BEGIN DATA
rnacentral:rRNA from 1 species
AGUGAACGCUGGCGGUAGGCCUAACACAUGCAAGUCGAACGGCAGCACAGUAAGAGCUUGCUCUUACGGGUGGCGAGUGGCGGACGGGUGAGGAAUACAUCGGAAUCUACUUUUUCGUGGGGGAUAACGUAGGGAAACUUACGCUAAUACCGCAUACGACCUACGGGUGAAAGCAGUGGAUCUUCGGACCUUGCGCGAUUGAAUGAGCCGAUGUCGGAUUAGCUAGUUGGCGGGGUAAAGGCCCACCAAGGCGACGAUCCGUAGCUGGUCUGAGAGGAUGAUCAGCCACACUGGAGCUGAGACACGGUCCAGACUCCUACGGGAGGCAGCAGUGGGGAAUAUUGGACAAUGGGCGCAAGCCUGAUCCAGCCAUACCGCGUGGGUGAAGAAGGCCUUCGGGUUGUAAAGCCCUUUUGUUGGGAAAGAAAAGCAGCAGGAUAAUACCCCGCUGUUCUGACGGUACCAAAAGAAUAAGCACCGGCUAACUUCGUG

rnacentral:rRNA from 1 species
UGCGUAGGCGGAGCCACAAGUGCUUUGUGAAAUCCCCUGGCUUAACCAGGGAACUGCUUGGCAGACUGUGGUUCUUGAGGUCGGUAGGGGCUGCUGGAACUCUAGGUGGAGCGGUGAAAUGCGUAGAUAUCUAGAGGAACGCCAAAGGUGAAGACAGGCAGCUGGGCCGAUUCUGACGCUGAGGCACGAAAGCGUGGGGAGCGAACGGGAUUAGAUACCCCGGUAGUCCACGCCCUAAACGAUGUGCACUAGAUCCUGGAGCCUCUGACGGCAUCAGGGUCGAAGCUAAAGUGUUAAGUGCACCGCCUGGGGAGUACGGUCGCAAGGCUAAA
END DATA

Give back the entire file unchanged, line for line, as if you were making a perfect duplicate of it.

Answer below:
rnacentral:rRNA from 1 species
AGUGAACGCUGGCGGUAGGCCUAACACAUGCAAGUCGAACGGCAGCACAGUAAGAGCUUGCUCUUACGGGUGGCGAGUGGCGGACGGGUGAGGAAUACAUCGGAAUCUACUUUUUCGUGGGGGAUAACGUAGGGAAACUUACGCUAAUACCGCAUACGACCUACGGGUGAAAGCAGUGGAUCUUCGGACCUUGCGCGAUUGAAUGAGCCGAUGUCGGAUUAGCUAGUUGGCGGGGUAAAGGCCCACCAAGGCGACGAUCCGUAGCUGGUCUGAGAGGAUGAUCAGCCACACUGGAGCUGAGACACGGUCCAGACUCCUACGGGAGGCAGCAGUGGGGAAUAUUGGACAAUGGGCGCAAGCCUGAUCCAGCCAUACCGCGUGGGUGAAGAAGGCCUUCGGGUUGUAAAGCCCUUUUGUUGGGAAAGAAAAGCAGCAGGAUAAUACCCCGCUGUUCUGACGGUACCAAAAGAAUAAGCACCGGCUAACUUCGUG

rnacentral:rRNA from 1 species
UGCGUAGGCGGAGCCACAAGUGCUUUGUGAAAUCCCCUGGCUUAACCAGGGAACUGCUUGGCAGACUGUGGUUCUUGAGGUCGGUAGGGGCUGCUGGAACUCUAGGUGGAGCGGUGAAAUGCGUAGAUAUCUAGAGGAACGCCAAAGGUGAAGACAGGCAGCUGGGCCGAUUCUGACGCUGAGGCACGAAAGCGUGGGGAGCGAACGGGAUUAGAUACCCCGGUAGUCCACGCCCUAAACGAUGUGCACUAGAUCCUGGAGCCUCUGACGGCAUCAGGGUCGAAGCUAAAGUGUUAAGUGCACCGCCUGGGGAGUACGGUCGCAAGGCUAAA